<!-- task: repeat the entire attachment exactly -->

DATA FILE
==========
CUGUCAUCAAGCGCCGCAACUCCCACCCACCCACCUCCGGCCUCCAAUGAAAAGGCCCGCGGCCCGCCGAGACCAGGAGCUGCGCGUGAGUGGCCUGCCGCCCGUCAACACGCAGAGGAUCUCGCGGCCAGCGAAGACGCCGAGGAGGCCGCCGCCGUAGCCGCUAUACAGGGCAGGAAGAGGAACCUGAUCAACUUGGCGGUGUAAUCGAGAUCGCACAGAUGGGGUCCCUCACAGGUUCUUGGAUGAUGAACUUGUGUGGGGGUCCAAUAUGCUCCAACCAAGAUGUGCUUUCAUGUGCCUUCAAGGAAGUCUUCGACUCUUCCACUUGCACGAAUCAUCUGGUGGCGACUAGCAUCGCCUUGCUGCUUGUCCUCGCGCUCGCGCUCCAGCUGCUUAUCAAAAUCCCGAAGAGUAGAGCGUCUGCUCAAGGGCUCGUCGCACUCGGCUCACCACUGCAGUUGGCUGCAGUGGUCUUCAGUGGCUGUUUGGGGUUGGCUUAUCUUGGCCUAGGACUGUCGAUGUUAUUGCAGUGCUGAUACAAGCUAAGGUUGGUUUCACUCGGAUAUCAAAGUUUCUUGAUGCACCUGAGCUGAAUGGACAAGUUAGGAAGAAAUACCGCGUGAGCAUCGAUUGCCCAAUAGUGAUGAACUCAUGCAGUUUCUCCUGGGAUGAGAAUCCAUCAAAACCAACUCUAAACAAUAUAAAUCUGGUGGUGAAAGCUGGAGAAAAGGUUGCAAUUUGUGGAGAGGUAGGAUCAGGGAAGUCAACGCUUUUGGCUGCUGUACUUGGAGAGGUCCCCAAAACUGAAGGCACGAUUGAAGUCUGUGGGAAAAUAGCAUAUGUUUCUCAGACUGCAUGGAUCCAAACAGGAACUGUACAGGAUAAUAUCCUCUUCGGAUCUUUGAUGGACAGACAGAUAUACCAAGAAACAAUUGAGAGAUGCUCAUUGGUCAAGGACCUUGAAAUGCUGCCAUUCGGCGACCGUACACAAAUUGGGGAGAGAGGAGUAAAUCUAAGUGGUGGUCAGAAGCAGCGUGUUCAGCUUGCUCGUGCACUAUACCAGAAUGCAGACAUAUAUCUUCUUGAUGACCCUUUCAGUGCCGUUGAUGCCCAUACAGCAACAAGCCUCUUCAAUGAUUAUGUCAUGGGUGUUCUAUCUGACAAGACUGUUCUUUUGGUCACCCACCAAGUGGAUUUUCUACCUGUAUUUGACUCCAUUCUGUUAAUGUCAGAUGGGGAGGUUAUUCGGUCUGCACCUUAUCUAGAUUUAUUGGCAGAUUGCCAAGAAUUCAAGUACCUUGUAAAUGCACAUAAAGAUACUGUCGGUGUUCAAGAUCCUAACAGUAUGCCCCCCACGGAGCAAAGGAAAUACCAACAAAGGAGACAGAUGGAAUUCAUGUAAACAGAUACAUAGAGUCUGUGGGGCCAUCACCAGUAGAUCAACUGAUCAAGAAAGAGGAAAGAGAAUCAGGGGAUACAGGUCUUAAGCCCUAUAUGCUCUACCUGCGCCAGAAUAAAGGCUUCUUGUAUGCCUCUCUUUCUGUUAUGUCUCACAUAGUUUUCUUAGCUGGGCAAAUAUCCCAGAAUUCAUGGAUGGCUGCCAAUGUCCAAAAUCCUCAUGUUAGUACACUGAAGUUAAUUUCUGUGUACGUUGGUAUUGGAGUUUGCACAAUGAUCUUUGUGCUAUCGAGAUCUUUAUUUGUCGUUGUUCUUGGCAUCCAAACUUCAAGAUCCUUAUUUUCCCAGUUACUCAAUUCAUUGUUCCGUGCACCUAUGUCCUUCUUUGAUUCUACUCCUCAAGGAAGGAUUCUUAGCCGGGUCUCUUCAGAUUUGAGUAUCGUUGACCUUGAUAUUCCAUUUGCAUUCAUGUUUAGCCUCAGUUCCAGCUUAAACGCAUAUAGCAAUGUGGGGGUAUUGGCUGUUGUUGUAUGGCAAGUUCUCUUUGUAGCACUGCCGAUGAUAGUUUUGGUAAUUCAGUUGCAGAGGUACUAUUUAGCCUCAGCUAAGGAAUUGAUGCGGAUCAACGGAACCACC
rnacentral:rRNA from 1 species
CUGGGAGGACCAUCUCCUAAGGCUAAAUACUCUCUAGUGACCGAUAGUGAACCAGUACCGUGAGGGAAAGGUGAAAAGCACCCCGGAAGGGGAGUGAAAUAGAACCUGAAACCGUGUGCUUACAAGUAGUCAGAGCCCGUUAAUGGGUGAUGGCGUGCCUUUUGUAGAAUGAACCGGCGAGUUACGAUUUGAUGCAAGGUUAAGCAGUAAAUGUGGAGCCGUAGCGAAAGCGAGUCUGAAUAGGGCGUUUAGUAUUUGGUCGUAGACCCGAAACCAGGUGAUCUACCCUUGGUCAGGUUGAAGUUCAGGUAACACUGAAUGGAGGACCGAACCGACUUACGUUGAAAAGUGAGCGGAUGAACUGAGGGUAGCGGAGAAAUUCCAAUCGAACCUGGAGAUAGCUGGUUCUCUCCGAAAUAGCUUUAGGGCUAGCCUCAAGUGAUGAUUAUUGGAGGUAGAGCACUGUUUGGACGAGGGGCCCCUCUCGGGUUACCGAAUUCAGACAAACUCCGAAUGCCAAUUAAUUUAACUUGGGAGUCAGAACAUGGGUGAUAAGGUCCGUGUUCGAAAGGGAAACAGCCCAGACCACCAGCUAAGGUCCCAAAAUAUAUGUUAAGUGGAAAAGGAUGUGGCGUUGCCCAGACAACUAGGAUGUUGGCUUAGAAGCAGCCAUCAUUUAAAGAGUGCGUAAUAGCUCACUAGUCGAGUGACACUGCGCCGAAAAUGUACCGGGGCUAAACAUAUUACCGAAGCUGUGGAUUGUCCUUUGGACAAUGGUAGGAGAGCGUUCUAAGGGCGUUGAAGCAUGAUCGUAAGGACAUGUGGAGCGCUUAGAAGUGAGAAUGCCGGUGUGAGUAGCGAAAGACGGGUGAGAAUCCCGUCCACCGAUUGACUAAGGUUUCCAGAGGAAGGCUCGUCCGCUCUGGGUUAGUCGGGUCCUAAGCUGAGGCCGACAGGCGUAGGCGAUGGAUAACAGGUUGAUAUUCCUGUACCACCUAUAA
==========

CUGUCAUCAAGCGCCGCAACUCCCACCCACCCACCUCCGGCCUCCAAUGAAAAGGCCCGCGGCCCGCCGAGACCAGGAGCUGCGCGUGAGUGGCCUGCCGCCCGUCAACACGCAGAGGAUCUCGCGGCCAGCGAAGACGCCGAGGAGGCCGCCGCCGUAGCCGCUAUACAGGGCAGGAAGAGGAACCUGAUCAACUUGGCGGUGUAAUCGAGAUCGCACAGAUGGGGUCCCUCACAGGUUCUUGGAUGAUGAACUUGUGUGGGGGUCCAAUAUGCUCCAACCAAGAUGUGCUUUCAUGUGCCUUCAAGGAAGUCUUCGACUCUUCCACUUGCACGAAUCAUCUGGUGGCGACUAGCAUCGCCUUGCUGCUUGUCCUCGCGCUCGCGCUCCAGCUGCUUAUCAAAAUCCCGAAGAGUAGAGCGUCUGCUCAAGGGCUCGUCGCACUCGGCUCACCACUGCAGUUGGCUGCAGUGGUCUUCAGUGGCUGUUUGGGGUUGGCUUAUCUUGGCCUAGGACUGUCGAUGUUAUUGCAGUGCUGAUACAAGCUAAGGUUGGUUUCACUCGGAUAUCAAAGUUUCUUGAUGCACCUGAGCUGAAUGGACAAGUUAGGAAGAAAUACCGCGUGAGCAUCGAUUGCCCAAUAGUGAUGAACUCAUGCAGUUUCUCCUGGGAUGAGAAUCCAUCAAAACCAACUCUAAACAAUAUAAAUCUGGUGGUGAAAGCUGGAGAAAAGGUUGCAAUUUGUGGAGAGGUAGGAUCAGGGAAGUCAACGCUUUUGGCUGCUGUACUUGGAGAGGUCCCCAAAACUGAAGGCACGAUUGAAGUCUGUGGGAAAAUAGCAUAUGUUUCUCAGACUGCAUGGAUCCAAACAGGAACUGUACAGGAUAAUAUCCUCUUCGGAUCUUUGAUGGACAGACAGAUAUACCAAGAAACAAUUGAGAGAUGCUCAUUGGUCAAGGACCUUGAAAUGCUGCCAUUCGGCGACCGUACACAAAUUGGGGAGAGAGGAGUAAAUCUAAGUGGUGGUCAGAAGCAGCGUGUUCAGCUUGCUCGUGCACUAUACCAGAAUGCAGACAUAUAUCUUCUUGAUGACCCUUUCAGUGCCGUUGAUGCCCAUACAGCAACAAGCCUCUUCAAUGAUUAUGUCAUGGGUGUUCUAUCUGACAAGACUGUUCUUUUGGUCACCCACCAAGUGGAUUUUCUACCUGUAUUUGACUCCAUUCUGUUAAUGUCAGAUGGGGAGGUUAUUCGGUCUGCACCUUAUCUAGAUUUAUUGGCAGAUUGCCAAGAAUUCAAGUACCUUGUAAAUGCACAUAAAGAUACUGUCGGUGUUCAAGAUCCUAACAGUAUGCCCCCCACGGAGCAAAGGAAAUACCAACAAAGGAGACAGAUGGAAUUCAUGUAAACAGAUACAUAGAGUCUGUGGGGCCAUCACCAGUAGAUCAACUGAUCAAGAAAGAGGAAAGAGAAUCAGGGGAUACAGGUCUUAAGCCCUAUAUGCUCUACCUGCGCCAGAAUAAAGGCUUCUUGUAUGCCUCUCUUUCUGUUAUGUCUCACAUAGUUUUCUUAGCUGGGCAAAUAUCCCAGAAUUCAUGGAUGGCUGCCAAUGUCCAAAAUCCUCAUGUUAGUACACUGAAGUUAAUUUCUGUGUACGUUGGUAUUGGAGUUUGCACAAUGAUCUUUGUGCUAUCGAGAUCUUUAUUUGUCGUUGUUCUUGGCAUCCAAACUUCAAGAUCCUUAUUUUCCCAGUUACUCAAUUCAUUGUUCCGUGCACCUAUGUCCUUCUUUGAUUCUACUCCUCAAGGAAGGAUUCUUAGCCGGGUCUCUUCAGAUUUGAGUAUCGUUGACCUUGAUAUUCCAUUUGCAUUCAUGUUUAGCCUCAGUUCCAGCUUAAACGCAUAUAGCAAUGUGGGGGUAUUGGCUGUUGUUGUAUGGCAAGUUCUCUUUGUAGCACUGCCGAUGAUAGUUUUGGUAAUUCAGUUGCAGAGGUACUAUUUAGCCUCAGCUAAGGAAUUGAUGCGGAUCAACGGAACCACC
rnacentral:rRNA from 1 species
CUGGGAGGACCAUCUCCUAAGGCUAAAUACUCUCUAGUGACCGAUAGUGAACCAGUACCGUGAGGGAAAGGUGAAAAGCACCCCGGAAGGGGAGUGAAAUAGAACCUGAAACCGUGUGCUUACAAGUAGUCAGAGCCCGUUAAUGGGUGAUGGCGUGCCUUUUGUAGAAUGAACCGGCGAGUUACGAUUUGAUGCAAGGUUAAGCAGUAAAUGUGGAGCCGUAGCGAAAGCGAGUCUGAAUAGGGCGUUUAGUAUUUGGUCGUAGACCCGAAACCAGGUGAUCUACCCUUGGUCAGGUUGAAGUUCAGGUAACACUGAAUGGAGGACCGAACCGACUUACGUUGAAAAGUGAGCGGAUGAACUGAGGGUAGCGGAGAAAUUCCAAUCGAACCUGGAGAUAGCUGGUUCUCUCCGAAAUAGCUUUAGGGCUAGCCUCAAGUGAUGAUUAUUGGAGGUAGAGCACUGUUUGGACGAGGGGCCCCUCUCGGGUUACCGAAUUCAGACAAACUCCGAAUGCCAAUUAAUUUAACUUGGGAGUCAGAACAUGGGUGAUAAGGUCCGUGUUCGAAAGGGAAACAGCCCAGACCACCAGCUAAGGUCCCAAAAUAUAUGUUAAGUGGAAAAGGAUGUGGCGUUGCCCAGACAACUAGGAUGUUGGCUUAGAAGCAGCCAUCAUUUAAAGAGUGCGUAAUAGCUCACUAGUCGAGUGACACUGCGCCGAAAAUGUACCGGGGCUAAACAUAUUACCGAAGCUGUGGAUUGUCCUUUGGACAAUGGUAGGAGAGCGUUCUAAGGGCGUUGAAGCAUGAUCGUAAGGACAUGUGGAGCGCUUAGAAGUGAGAAUGCCGGUGUGAGUAGCGAAAGACGGGUGAGAAUCCCGUCCACCGAUUGACUAAGGUUUCCAGAGGAAGGCUCGUCCGCUCUGGGUUAGUCGGGUCCUAAGCUGAGGCCGACAGGCGUAGGCGAUGGAUAACAGGUUGAUAUUCCUGUACCACCUAUAA